Saturday, November 27

Man Accused of Killing Child Changed History in Police Interview, Investigation Finds


A man accused of killing a young boy in Southland in 2015 changed his story, from telling police he did not know what happened to saying he fell on the boy but “seemed fine,” an investigation has heard. .

Generic police

The court saw two police interviews with the man. Stock Photo
Photo: RNZ / Richard Tindiller

The man, the boy’s mother’s partner, was charged with the murder of the 17-month-old boy, but a few weeks later he was found dead in custody.

All names are deleted, including those of witnesses.

Coroner Marcus Elliott acknowledged the stress of family members who had waited years for an investigation, to investigate, firstly, how the child died and, in a second phase, scheduled for next year, the role of the authorities. child protection that family members say failed them.

The boy was found dead in his bed by his mother in October 2015; She hadn’t seen him the night before when she got home, after he spent the day caring for her boyfriend at their home.

Police said they found meth pipes and ecstasy pills on the property.

A pathologist told the court that the boy had “rare” injuries to the upper spine caused by pressure from the head downward, strongly suggesting contact with a smooth surface such as a carpeted floor or upholstered furniture. .

“The amount of force required to basically crush the fractures in those vertebrae has to be really great. You really would have to have quite a strong pushing force for that to happen.”

The injuries were “very unlikely” from falling backward, although they could be the result of someone falling on the child, or if he was forcibly thrown or hit hard, the pathologist said.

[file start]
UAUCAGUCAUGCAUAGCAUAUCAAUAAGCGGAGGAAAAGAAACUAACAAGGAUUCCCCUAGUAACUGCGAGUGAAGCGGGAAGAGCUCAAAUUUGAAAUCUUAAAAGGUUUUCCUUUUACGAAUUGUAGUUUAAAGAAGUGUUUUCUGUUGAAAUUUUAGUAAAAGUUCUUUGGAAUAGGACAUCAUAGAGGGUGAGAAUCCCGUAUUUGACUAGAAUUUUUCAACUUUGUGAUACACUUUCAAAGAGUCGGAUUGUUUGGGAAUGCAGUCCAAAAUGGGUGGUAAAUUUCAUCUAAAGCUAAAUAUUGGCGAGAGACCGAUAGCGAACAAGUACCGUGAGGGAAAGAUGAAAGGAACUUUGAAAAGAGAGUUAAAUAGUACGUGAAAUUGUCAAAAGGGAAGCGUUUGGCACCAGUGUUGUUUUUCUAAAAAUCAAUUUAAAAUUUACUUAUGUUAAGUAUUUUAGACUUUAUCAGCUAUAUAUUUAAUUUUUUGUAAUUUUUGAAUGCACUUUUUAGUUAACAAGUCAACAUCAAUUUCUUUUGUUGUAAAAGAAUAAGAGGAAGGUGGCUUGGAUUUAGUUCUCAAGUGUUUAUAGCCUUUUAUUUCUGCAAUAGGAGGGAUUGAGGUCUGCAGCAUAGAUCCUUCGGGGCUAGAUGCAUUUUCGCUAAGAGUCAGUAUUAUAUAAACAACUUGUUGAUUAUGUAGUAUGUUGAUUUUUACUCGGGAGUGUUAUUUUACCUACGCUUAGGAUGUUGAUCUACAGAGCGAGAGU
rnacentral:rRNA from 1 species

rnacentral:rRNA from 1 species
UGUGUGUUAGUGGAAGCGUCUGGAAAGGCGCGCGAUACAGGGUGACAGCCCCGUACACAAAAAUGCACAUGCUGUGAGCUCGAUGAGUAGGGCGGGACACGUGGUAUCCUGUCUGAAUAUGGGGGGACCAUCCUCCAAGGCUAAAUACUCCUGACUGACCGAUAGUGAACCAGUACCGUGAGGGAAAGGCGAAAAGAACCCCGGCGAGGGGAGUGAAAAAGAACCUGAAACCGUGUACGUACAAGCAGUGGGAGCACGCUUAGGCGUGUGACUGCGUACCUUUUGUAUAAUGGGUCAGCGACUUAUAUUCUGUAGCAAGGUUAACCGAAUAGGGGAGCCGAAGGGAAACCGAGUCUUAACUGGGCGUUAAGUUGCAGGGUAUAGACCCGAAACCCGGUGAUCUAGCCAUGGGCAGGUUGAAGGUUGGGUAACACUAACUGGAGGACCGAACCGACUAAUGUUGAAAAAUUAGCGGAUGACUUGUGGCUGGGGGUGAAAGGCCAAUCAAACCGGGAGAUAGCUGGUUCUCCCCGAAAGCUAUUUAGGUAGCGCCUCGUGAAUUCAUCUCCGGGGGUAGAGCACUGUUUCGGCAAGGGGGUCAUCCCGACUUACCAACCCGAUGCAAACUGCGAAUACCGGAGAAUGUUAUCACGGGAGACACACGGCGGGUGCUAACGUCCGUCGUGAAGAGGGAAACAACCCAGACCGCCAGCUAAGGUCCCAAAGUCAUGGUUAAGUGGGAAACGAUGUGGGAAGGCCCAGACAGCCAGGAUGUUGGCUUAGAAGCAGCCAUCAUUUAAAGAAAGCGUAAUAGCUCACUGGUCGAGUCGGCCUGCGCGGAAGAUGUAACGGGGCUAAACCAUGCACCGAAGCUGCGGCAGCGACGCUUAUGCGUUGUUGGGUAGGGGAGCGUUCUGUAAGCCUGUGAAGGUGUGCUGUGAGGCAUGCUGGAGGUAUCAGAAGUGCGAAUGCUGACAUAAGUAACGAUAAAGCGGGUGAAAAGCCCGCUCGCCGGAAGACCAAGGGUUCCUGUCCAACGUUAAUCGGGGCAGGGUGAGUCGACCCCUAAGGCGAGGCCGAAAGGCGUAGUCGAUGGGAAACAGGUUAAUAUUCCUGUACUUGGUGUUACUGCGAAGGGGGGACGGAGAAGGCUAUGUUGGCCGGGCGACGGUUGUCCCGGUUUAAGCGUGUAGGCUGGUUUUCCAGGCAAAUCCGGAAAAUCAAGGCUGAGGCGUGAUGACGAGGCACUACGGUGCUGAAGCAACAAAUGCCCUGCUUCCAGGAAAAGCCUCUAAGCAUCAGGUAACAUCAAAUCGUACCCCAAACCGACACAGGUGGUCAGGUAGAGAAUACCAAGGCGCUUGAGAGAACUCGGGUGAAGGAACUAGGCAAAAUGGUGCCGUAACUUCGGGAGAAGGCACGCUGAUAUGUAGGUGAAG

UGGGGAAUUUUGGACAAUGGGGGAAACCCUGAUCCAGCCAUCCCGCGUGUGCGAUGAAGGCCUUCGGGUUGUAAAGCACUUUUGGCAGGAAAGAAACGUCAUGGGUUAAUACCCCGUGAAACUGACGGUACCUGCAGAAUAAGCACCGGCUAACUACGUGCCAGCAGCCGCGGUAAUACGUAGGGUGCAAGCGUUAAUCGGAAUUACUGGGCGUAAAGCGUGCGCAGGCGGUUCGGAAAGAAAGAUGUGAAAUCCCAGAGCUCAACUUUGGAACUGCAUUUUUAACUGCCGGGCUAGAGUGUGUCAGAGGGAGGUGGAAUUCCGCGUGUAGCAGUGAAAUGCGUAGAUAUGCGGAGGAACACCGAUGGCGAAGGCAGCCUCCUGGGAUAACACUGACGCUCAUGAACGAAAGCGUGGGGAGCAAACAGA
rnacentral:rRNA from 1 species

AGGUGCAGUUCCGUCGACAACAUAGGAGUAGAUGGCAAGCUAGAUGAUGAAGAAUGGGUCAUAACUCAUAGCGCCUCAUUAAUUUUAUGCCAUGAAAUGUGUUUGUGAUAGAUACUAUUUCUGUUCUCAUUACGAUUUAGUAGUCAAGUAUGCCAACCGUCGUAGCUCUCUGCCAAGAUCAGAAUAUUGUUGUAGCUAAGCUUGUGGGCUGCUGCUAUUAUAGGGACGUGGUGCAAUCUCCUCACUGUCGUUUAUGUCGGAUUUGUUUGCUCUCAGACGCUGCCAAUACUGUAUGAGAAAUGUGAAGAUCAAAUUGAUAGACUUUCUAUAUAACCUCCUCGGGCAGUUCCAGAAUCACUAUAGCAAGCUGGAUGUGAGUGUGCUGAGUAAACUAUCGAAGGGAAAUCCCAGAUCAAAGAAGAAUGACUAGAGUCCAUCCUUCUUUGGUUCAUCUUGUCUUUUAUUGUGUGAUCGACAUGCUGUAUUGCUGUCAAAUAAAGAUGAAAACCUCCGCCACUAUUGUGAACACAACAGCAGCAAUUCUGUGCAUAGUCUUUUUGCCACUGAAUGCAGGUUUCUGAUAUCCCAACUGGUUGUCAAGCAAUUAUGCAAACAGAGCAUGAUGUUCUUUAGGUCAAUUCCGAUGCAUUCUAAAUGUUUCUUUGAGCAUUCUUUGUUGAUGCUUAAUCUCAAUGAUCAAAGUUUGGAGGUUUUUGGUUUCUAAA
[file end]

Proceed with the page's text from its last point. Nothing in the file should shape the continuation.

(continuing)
Fluid from the lungs on the bed indicated that the child probably died within 30 minutes to an hour.

“It strongly suggests that it has been there for a period of at least tens of minutes in the process of dying.”

The court heard from the investigating police officer that the boy had previous fractures and injuries that were suspicious.

“There is a constellation of peripheral bone fractures of different ages that it is highly unlikely that they are all due to accidental injuries,” the officer said.

There was no evidence that the mother was responsible for the injuries, the officer said.

The court saw two police interviews with the man. In the first, he told them that he did not know what had happened.

“I haven’t touched it. The autopsy is wrong,” he said.

The video showed him agitated, rubbing his head and crying, and repeatedly standing up and saying he wanted to leave.

“How do you know it was a blow to the head, not a fall?” he asked the police officer at one point.

Soon after, in a second interview, the man changed his story, saying instead that he had been holding the baby in the backyard.

“I tripped on the skateboard outside. And fell on top of him.

“He was still alive, he seemed fine. He was still playing. Could he have died from that?”

The pathologist said it would have been clear to anyone looking that the boy was “immediately and obviously seriously injured.”

If he hadn’t died, he would have been at least a quadriplegic, they said.

Police said they found a cobwebbed skateboard in the garage.

The officer asked the man why he hadn’t told them about the fall earlier.

“I didn’t think it was relevant because it seemed fine,” he replied.

The police then texted him from the mother and asked what he had said to the man.

“‘What did you do to my boy?'” He replied.

During the investigation, the police officer was asked if he had any doubt that the man killed the boy. “Did not say.

The coroner has yet to release any findings.


www.rnz.co.nz

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